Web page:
India stares at acute shortage of ATMs

The country is facing an acute shortage of automated teller machines (ATMs), as there are only 17 ATMs per lakh people.

There is a need for at least 4 lakh ATMs in the next two years, from the present 2.22 lakh, according to a research note by Tata Communications Payment Solutions Ltd (TCPSL), which is the largest WLA (White Label ATM) operator.

At present, the country has a total of 2,21,492 ATMs including 15,626 white label ATMs. A White Label ATM is operated by a non-banking entity.

In a country where only 16% of rural population transacts online, the shortage of ATMs is a big concern as the majority of the country’s 134 crore population resides in the rural areas. Barely 5% of the rural areas have access to an ATM.

“There are over 6 lakh villages in India, but not more than 30,000 villages have ATMs. People from rural areas end up travelling at least 10 km to access any kind of banking services. At a time when we talk about Direct Benefit Transfer, how will these rural populations withdraw those subsidies without ATMs or bank services available,” asked K Srinivas, MD, and CEO of BTI Payments, the second largest White Label ATM player.

He stressed the need for more ATMs in rural and semi-urban areas. An analysis of RBI data reveals that India's ATM penetration stands at 15 per lakh population, less than the fourth of neighbouring China's 63. If we include 15,626 white label ATMs, the cash vending machines operated by non-bank entities in the country, stand at just 17 per lakh population.

Globally, the US has the highest penetration of ATMs with 173 cash vending machines per lakh people.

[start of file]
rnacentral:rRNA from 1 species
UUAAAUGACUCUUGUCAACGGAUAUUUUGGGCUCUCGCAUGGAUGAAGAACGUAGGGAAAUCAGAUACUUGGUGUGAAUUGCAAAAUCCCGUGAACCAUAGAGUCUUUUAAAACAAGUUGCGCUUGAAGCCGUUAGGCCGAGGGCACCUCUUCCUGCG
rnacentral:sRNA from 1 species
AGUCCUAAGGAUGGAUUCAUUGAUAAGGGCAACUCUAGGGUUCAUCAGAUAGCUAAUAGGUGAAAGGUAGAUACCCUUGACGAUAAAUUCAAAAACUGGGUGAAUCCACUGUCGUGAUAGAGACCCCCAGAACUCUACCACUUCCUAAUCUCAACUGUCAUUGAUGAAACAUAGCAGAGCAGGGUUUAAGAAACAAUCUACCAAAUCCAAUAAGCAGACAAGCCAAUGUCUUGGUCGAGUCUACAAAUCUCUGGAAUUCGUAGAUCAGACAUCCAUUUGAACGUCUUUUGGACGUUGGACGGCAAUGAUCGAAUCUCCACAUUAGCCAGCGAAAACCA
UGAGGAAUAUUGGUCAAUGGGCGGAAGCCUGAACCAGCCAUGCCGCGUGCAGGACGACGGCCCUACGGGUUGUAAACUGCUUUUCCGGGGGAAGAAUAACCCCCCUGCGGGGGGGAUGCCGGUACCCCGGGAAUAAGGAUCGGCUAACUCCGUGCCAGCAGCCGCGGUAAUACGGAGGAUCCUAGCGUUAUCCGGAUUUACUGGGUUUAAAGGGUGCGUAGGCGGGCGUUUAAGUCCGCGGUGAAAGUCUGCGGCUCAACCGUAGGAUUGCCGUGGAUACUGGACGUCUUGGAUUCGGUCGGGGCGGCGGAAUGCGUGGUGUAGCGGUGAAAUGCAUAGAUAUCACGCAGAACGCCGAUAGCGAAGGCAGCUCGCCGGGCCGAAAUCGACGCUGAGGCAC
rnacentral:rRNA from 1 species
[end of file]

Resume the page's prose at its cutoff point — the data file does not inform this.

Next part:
Sanjeev Patel, CEO of TCPSL said, “Cash continues to be in strong demand even post demonetisation a fact that is reaffirmed in the ATM transactions volumes that are seeing a growth trend in spite of the digital euphoria.”

The total cash in circulation, as of December 14, stood at Rs 20.24 lakh crore, up 2.15 times in less than two years since December 23, 2016, when cash in circulation depleted to Rs 9.4 lakh crore, owing to the withdrawal of high-value currency notes (Rs 500 and Rs 1,000 denomination).

Patel added that though the Indian government is striving hard to push Indian digital economy to $1 trillion in the next 5-7 years, the fact remains that a large number of people depend on cash.

Though many digital transactions including POS, m-wallets had increased exponentially immediately after demonetisation primarily triggered by less cash availability, however, their growth rates have reduced now and data show that they have not eaten into ATM transactions. Like in other economies namely US and China, instead of pegging Cash v/s Digital we should allow each payment platform to co-exist, for the end consumer to decide which is the most convenient way for him to access his own money, he said.

ATMs are operated by 51 companies which include scheduled commercial banks, payments banks, and small saving banks.

While the study by TCPSL calls for a massive uptick of the number of ATMs across the country, an analysis of RBI data suggests that the number of bank ATMs post-March 2017, has gone down by 2,331. In March 2017, the number of ATMs by various banks stood at 2.08 lakh as against 2.05 lakh at present.

 

 

 

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